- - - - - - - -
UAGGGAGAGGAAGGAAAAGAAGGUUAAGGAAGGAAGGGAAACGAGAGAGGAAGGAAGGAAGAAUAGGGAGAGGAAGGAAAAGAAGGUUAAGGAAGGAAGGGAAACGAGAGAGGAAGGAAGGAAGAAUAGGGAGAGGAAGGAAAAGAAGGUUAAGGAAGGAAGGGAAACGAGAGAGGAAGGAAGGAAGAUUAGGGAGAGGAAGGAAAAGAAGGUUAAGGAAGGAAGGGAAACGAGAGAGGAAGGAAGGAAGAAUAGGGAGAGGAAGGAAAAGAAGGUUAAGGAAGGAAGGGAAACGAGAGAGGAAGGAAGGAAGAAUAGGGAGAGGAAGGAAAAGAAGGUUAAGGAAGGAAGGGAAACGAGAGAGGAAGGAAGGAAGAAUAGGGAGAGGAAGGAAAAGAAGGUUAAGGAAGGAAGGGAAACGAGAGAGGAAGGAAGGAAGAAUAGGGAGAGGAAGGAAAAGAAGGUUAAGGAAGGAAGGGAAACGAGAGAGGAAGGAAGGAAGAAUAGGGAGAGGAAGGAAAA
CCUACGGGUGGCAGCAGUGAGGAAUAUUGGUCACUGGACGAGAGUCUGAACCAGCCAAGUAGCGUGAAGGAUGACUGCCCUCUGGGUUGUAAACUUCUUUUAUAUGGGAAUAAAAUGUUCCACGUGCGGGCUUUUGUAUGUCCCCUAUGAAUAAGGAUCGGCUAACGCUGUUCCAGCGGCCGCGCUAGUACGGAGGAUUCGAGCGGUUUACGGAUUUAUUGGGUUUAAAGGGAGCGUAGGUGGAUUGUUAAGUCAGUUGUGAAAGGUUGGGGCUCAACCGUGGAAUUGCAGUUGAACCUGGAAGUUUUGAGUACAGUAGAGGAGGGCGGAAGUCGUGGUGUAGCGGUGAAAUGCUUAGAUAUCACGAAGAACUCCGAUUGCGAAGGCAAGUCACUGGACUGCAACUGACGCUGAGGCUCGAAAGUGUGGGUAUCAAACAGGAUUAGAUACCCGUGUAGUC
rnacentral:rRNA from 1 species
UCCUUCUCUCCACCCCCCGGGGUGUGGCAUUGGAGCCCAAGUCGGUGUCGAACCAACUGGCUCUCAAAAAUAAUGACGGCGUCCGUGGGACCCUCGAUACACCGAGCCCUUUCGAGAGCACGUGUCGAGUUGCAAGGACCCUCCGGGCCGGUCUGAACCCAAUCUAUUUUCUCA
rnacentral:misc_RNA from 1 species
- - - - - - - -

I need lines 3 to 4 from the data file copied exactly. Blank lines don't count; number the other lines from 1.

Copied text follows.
rnacentral:rRNA from 1 species
UCCUUCUCUCCACCCCCCGGGGUGUGGCAUUGGAGCCCAAGUCGGUGUCGAACCAACUGGCUCUCAAAAAUAAUGACGGCGUCCGUGGGACCCUCGAUACACCGAGCCCUUUCGAGAGCACGUGUCGAGUUGCAAGGACCCUCCGGGCCGGUCUGAACCCAAUCUAUUUUCUCA